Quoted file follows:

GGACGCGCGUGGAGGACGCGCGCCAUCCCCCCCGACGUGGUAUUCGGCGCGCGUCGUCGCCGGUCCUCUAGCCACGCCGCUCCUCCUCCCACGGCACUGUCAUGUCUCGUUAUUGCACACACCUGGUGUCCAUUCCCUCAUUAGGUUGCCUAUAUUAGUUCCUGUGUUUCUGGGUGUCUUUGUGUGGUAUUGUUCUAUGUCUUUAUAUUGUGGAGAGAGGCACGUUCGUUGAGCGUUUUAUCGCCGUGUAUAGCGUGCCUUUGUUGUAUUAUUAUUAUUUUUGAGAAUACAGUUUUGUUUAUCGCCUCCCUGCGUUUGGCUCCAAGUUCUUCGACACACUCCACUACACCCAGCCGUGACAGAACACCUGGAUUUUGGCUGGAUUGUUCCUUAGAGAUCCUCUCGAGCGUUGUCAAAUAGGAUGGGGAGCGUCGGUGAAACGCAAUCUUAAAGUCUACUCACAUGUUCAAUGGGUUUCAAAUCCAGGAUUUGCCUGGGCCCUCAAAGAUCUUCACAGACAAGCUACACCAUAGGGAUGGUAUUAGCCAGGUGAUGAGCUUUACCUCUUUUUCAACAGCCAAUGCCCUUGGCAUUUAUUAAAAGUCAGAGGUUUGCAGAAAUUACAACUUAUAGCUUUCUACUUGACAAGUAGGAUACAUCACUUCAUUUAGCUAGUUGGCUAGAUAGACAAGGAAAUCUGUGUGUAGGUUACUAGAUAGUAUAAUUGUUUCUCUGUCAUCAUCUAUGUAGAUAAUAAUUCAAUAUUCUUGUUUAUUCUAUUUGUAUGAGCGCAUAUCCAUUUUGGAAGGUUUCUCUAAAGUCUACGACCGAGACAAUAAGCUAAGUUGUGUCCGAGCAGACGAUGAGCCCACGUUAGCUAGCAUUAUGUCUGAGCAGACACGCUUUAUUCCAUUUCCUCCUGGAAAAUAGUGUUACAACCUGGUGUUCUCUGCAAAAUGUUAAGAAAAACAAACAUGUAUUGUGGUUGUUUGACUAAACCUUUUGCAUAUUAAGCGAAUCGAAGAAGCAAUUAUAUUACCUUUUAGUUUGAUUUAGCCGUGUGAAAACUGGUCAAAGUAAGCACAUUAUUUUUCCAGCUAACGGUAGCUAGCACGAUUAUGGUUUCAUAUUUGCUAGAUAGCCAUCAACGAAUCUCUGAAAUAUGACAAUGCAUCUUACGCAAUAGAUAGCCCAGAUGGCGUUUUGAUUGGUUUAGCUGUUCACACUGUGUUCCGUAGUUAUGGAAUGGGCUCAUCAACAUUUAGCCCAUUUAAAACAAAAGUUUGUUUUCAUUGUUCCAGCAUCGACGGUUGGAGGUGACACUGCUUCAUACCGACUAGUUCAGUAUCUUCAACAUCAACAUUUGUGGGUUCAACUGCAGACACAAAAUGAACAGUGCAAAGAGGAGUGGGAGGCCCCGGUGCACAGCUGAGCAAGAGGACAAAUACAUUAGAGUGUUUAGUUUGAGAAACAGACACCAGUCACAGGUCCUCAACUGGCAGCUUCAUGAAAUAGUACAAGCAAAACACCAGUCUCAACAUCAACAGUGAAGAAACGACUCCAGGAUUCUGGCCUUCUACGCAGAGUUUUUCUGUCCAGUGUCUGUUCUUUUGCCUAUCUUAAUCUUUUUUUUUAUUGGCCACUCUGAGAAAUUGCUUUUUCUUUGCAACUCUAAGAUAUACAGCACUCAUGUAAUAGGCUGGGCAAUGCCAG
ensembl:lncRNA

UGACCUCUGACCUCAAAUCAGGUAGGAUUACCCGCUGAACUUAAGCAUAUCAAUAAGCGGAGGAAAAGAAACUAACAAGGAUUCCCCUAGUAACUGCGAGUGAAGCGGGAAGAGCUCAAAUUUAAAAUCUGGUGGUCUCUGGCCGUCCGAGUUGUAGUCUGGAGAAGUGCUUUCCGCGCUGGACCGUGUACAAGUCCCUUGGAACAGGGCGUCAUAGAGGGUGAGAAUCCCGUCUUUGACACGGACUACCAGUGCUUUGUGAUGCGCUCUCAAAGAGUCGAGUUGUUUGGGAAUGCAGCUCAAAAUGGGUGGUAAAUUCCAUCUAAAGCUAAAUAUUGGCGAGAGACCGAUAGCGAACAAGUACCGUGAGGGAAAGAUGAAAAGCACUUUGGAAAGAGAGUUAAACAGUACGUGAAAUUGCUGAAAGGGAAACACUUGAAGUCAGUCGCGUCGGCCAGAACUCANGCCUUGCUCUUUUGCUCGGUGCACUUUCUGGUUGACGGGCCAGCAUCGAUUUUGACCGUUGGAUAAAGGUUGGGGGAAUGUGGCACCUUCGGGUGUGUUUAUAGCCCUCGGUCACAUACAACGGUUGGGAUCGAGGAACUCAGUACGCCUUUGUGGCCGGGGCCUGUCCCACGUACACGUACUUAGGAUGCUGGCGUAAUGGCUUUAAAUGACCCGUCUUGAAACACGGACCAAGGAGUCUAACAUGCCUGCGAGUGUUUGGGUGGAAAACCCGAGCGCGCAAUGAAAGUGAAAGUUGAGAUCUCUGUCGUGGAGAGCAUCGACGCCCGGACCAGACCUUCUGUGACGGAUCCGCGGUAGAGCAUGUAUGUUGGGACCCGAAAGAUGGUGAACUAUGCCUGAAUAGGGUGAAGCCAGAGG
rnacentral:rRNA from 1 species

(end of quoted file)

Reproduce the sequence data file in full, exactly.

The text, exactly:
GGACGCGCGUGGAGGACGCGCGCCAUCCCCCCCGACGUGGUAUUCGGCGCGCGUCGUCGCCGGUCCUCUAGCCACGCCGCUCCUCCUCCCACGGCACUGUCAUGUCUCGUUAUUGCACACACCUGGUGUCCAUUCCCUCAUUAGGUUGCCUAUAUUAGUUCCUGUGUUUCUGGGUGUCUUUGUGUGGUAUUGUUCUAUGUCUUUAUAUUGUGGAGAGAGGCACGUUCGUUGAGCGUUUUAUCGCCGUGUAUAGCGUGCCUUUGUUGUAUUAUUAUUAUUUUUGAGAAUACAGUUUUGUUUAUCGCCUCCCUGCGUUUGGCUCCAAGUUCUUCGACACACUCCACUACACCCAGCCGUGACAGAACACCUGGAUUUUGGCUGGAUUGUUCCUUAGAGAUCCUCUCGAGCGUUGUCAAAUAGGAUGGGGAGCGUCGGUGAAACGCAAUCUUAAAGUCUACUCACAUGUUCAAUGGGUUUCAAAUCCAGGAUUUGCCUGGGCCCUCAAAGAUCUUCACAGACAAGCUACACCAUAGGGAUGGUAUUAGCCAGGUGAUGAGCUUUACCUCUUUUUCAACAGCCAAUGCCCUUGGCAUUUAUUAAAAGUCAGAGGUUUGCAGAAAUUACAACUUAUAGCUUUCUACUUGACAAGUAGGAUACAUCACUUCAUUUAGCUAGUUGGCUAGAUAGACAAGGAAAUCUGUGUGUAGGUUACUAGAUAGUAUAAUUGUUUCUCUGUCAUCAUCUAUGUAGAUAAUAAUUCAAUAUUCUUGUUUAUUCUAUUUGUAUGAGCGCAUAUCCAUUUUGGAAGGUUUCUCUAAAGUCUACGACCGAGACAAUAAGCUAAGUUGUGUCCGAGCAGACGAUGAGCCCACGUUAGCUAGCAUUAUGUCUGAGCAGACACGCUUUAUUCCAUUUCCUCCUGGAAAAUAGUGUUACAACCUGGUGUUCUCUGCAAAAUGUUAAGAAAAACAAACAUGUAUUGUGGUUGUUUGACUAAACCUUUUGCAUAUUAAGCGAAUCGAAGAAGCAAUUAUAUUACCUUUUAGUUUGAUUUAGCCGUGUGAAAACUGGUCAAAGUAAGCACAUUAUUUUUCCAGCUAACGGUAGCUAGCACGAUUAUGGUUUCAUAUUUGCUAGAUAGCCAUCAACGAAUCUCUGAAAUAUGACAAUGCAUCUUACGCAAUAGAUAGCCCAGAUGGCGUUUUGAUUGGUUUAGCUGUUCACACUGUGUUCCGUAGUUAUGGAAUGGGCUCAUCAACAUUUAGCCCAUUUAAAACAAAAGUUUGUUUUCAUUGUUCCAGCAUCGACGGUUGGAGGUGACACUGCUUCAUACCGACUAGUUCAGUAUCUUCAACAUCAACAUUUGUGGGUUCAACUGCAGACACAAAAUGAACAGUGCAAAGAGGAGUGGGAGGCCCCGGUGCACAGCUGAGCAAGAGGACAAAUACAUUAGAGUGUUUAGUUUGAGAAACAGACACCAGUCACAGGUCCUCAACUGGCAGCUUCAUGAAAUAGUACAAGCAAAACACCAGUCUCAACAUCAACAGUGAAGAAACGACUCCAGGAUUCUGGCCUUCUACGCAGAGUUUUUCUGUCCAGUGUCUGUUCUUUUGCCUAUCUUAAUCUUUUUUUUUAUUGGCCACUCUGAGAAAUUGCUUUUUCUUUGCAACUCUAAGAUAUACAGCACUCAUGUAAUAGGCUGGGCAAUGCCAG
ensembl:lncRNA

UGACCUCUGACCUCAAAUCAGGUAGGAUUACCCGCUGAACUUAAGCAUAUCAAUAAGCGGAGGAAAAGAAACUAACAAGGAUUCCCCUAGUAACUGCGAGUGAAGCGGGAAGAGCUCAAAUUUAAAAUCUGGUGGUCUCUGGCCGUCCGAGUUGUAGUCUGGAGAAGUGCUUUCCGCGCUGGACCGUGUACAAGUCCCUUGGAACAGGGCGUCAUAGAGGGUGAGAAUCCCGUCUUUGACACGGACUACCAGUGCUUUGUGAUGCGCUCUCAAAGAGUCGAGUUGUUUGGGAAUGCAGCUCAAAAUGGGUGGUAAAUUCCAUCUAAAGCUAAAUAUUGGCGAGAGACCGAUAGCGAACAAGUACCGUGAGGGAAAGAUGAAAAGCACUUUGGAAAGAGAGUUAAACAGUACGUGAAAUUGCUGAAAGGGAAACACUUGAAGUCAGUCGCGUCGGCCAGAACUCANGCCUUGCUCUUUUGCUCGGUGCACUUUCUGGUUGACGGGCCAGCAUCGAUUUUGACCGUUGGAUAAAGGUUGGGGGAAUGUGGCACCUUCGGGUGUGUUUAUAGCCCUCGGUCACAUACAACGGUUGGGAUCGAGGAACUCAGUACGCCUUUGUGGCCGGGGCCUGUCCCACGUACACGUACUUAGGAUGCUGGCGUAAUGGCUUUAAAUGACCCGUCUUGAAACACGGACCAAGGAGUCUAACAUGCCUGCGAGUGUUUGGGUGGAAAACCCGAGCGCGCAAUGAAAGUGAAAGUUGAGAUCUCUGUCGUGGAGAGCAUCGACGCCCGGACCAGACCUUCUGUGACGGAUCCGCGGUAGAGCAUGUAUGUUGGGACCCGAAAGAUGGUGAACUAUGCCUGAAUAGGGUGAAGCCAGAGG
rnacentral:rRNA from 1 species